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How China’s Internet traffic got routed to a small house in Wyoming
Rest assured, that house only looks normal.
Weird as it sounds, a significant portion of China’s Internet traffic was routed to a small house in Cheyenne, Wyo., for more than an hour on Tuesday.
China had major problems with its domain-name system, several government and expert sources told the New York Times, affecting between two-thirds and three-quarters of the country’s DNS servers. And so several of those routed traffic to that house in Cheyenne.
If the location sounds unbelievable, know that the house, located at 2710 Thomas Avenue, is normal only in its appearance. It’s an official home of Wyoming Corporate Services, a company that boldly proclaims its mission of providing shell companies: you don’t need to be a U.S. citizen to incorporate there, its website brags, and there are no state taxes.
In 2011, a major Reuters report revealed that Wyoming Corporate Services provided companies for, among others, a jailed former Ukrainian Prime Minister, illegal online poker operations, and a firm that sold counterfeit truck parts to the U.S. Department of Defense.
Though the company’s website no longer boasts, as it once did, that “A corporation is a legal person created by state statute that can be used as a fall guy, a servant, a good friend or a decoy,” who “cannot be held accountable for its actions.” But it’s still openly functional, much to the chagrin of politicians who would shut it down.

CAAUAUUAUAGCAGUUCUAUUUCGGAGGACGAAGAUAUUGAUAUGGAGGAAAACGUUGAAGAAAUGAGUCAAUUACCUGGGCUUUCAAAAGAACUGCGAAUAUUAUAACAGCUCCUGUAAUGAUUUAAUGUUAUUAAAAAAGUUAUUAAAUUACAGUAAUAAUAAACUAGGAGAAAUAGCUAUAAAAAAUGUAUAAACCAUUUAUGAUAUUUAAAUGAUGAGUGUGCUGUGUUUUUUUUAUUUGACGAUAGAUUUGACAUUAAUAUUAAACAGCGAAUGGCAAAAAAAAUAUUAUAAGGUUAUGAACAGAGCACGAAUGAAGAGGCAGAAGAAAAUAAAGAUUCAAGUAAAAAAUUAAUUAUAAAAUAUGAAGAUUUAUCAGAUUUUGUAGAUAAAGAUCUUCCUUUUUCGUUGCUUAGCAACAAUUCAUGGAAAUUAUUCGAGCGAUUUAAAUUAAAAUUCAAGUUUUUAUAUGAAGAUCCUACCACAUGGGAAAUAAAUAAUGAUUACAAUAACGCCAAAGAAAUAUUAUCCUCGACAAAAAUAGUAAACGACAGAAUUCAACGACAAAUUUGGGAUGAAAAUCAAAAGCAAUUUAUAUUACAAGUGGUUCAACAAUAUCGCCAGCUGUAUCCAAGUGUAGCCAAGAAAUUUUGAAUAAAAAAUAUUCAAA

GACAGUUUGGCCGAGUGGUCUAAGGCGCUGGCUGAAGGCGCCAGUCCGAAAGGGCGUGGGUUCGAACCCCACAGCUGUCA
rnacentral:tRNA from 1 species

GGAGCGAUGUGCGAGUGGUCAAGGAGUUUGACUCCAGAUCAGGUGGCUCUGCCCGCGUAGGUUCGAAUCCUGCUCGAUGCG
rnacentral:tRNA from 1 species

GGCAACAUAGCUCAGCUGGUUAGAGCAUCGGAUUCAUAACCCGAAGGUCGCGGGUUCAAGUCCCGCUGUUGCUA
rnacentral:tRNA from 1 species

It’s unclear why, exactly, Wyoming Corporate Services’ facade would suddenly get so much of China’s traffic. Several theories blame China’s great firewall, which prevents many of its users from easily visiting sites banned by the government. Either the firewall itself accidentally rerouted users, or a popular service to get around it malfunctioned. China’s government didn’t openly suspect an attack, though it didn’t rule one out, either.
Photo of a Wyoming House (not WCS’s) via Dougtone/Flickr
A former senior politics reporter for the Daily Dot, Kevin Collier focuses on privacy, cybersecurity, and issues of importance to the open internet. Since leaving the Daily Dot in March 2016, he has served as a reporter for Vocativ and a cybersecurity correspondent for BuzzFeed.